From NIOT board member Wilma:
This came from the League of Women Voters. It’s about a bill to allow undocumented grads of local high schools to be charged the same tuition as other instate students. The bill’s name is A194/S1036 and it is scheduled for a crucial vote on Monday, January 11.
The LWV asks “Could you please make it a priority today to contact Senator Shirley Turner’s office and ask her to support this bill?” Her office phone number is: (609) 530-3277. Here is a link with more information on the bill and how to find your senator’s telephone number.
“This bill has hidden economic aspects — more community college revenues, for example, as per the powerful testimony of Bergen Community College trustee Cid Wilson. We call it a win-win bill for New Jersey,” says the LWV supporter.
How will undocumented students be able to work legally after they graduate? According to this supporter, “this is a tiny bill that will help 600 to 2,000 undocumented students afford to attend college at the same tuition rate as their NJ peers. They will have no access to financial aid programs such as NJ Stars or Pell Grants.”
Also, “many of these “undocumenteds” have started the process of naturalization with INS, but they are caught in a years’ long wait, especially since 9/11. These students are most likely to stay in NJ with their families and make their homes here… and we can only hope that by the time the federal government finally devises how to normalize their status, one hopes they will be well-educated New Jersey taxpayers.”
Read more about this bill under “Immigrant Rights” at New Jersey Regional Coalition
This film, at the Princeton Public Library, is of great interest to NIOT and its friends, as excerpted in the library bulletin.
Thinking Allowed with: C. S. Manegold, in the Community Room
Tuesday, Jan. 19, 7:30 p.m.
The author’s “Ten Hills Farm: The Forgotten History of Slavery in the North” is the saga of five generations of slave owners in colonial New England, prominent dynasties tied to the Native American and Atlantic slave trades. The author exposes how the fortunes of these families and the fate of the 600-acre estate were bound to the tragic legacy of slavery. Manegold begins in the early 17th century and follows the history through to the present, bringing the story of slavery in the North full circle.
Web site: http://tenhillsfarm.com/
I also found the Labbe-DeBose article interesting and relevant to our (PPL drop-in) discussion last week. In fact, I thought the whole PAW issue was worth reading.
Regarding our discussion last week, I felt that everyone there wanted to learn how to be a better agent of change and was looking for insights into how to be more effective in confronting racism.
In our next get-together, it might be useful to share our own experiences – in our schools, work places, faith communities, families – where we have seen aspects of racism and talk about how we responded – whether successfully or unsuccessfully.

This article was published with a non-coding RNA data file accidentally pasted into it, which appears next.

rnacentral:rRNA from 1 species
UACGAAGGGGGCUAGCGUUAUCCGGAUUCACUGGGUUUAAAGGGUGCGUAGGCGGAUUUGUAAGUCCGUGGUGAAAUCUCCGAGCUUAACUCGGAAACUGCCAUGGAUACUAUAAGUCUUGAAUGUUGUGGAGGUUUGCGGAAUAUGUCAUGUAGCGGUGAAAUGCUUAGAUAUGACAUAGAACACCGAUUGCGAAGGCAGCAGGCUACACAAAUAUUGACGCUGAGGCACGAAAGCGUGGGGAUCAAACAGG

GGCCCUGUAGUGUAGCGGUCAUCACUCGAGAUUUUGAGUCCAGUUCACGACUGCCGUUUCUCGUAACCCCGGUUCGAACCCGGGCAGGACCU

In “Continuing Conversations on Race and White Privilege” on January 4 at the Princeton Public Library, some of the discussion focused on racial dialogue, or the lack of it, at Princeton University. Here is a Princeton Alumni Weekly article, written by Theola Labbe, on how a white student struggled to find interracial experiences and succeeded, in Melissa Harris Lacewell’s class. Excerpts below and for the complete article click here.
“But once she moved to campus, Hutton was disappointed to find that Princeton didn’t hold the key to forging friendships across racial and ethnic lines. Instead, she says, she found students in her dorm sticking together by their shared associations, and one of the factors that determined friendships was race. She found an opening on the academic side when her adviser suggested that Hutton take a course, “Disaster, Race and American Politics,” taught last fall by a new professor, Melissa Harris-Lacewell.“
“Hutton, the sophomore who wanted a diverse group of friends when she came to Princeton, says that the class has changed both her course of study and her perspective. She has decided to focus on issues of race and is taking a class on race and public policy. She finally has the more diverse group of friends that she sought when she came to Princeton, and she’s able to have more honest conversations with them about race. And recently, Hutton joined the board of the Carl A. Fields Center for Equality and Cultural Understanding — as a “little activist in a pearl-wearing package,” she says.”
Not in Our Town will host the next “Continuing Conversations” is February 2, when the discussion will focus on Jennifer Baszile’s book “The Black Girl Next Door.”
Thanks to Carole and Joyce for emceeing such a good, indepth, probing session, “Continuing Conversations on Race and White Privilege” at the Princeton Public Library.
We were especially happy to welcome these participants: Dan, Elizabeth, Chrystal, Lisa, LeRhonda, Paula, Amy, and Roberto.
Just for the record, the regular NIOT board members who attended were: Carole, Joyce, Fern, Larry, Jim, Wilma, Kate, Linda, Marietta, and Barbara.
It would be terrific if we could continue the conversation on line. Anybody can put a comment on this post. Perhaps you have some additional thoughts about the problem Roberto posed.
To write longer, to put up your own post, just email me what you want to say and I’ll put it up. That works for now and I can “sign you in” to be a co-author later. Perhaps you have some additional thoughts about the problem Roberto posed.
Try to get hold of the Jennifer Baszile’s book “The Black Girl Next Door.” It will be the topic for our February Conversation on Monday, February 4, and Jennifer Baszile will speak at the library on Sunday, February 7. Our “Conversations” will continue on first Mondays at 7:30 through June.
Warm wishes for a cold January!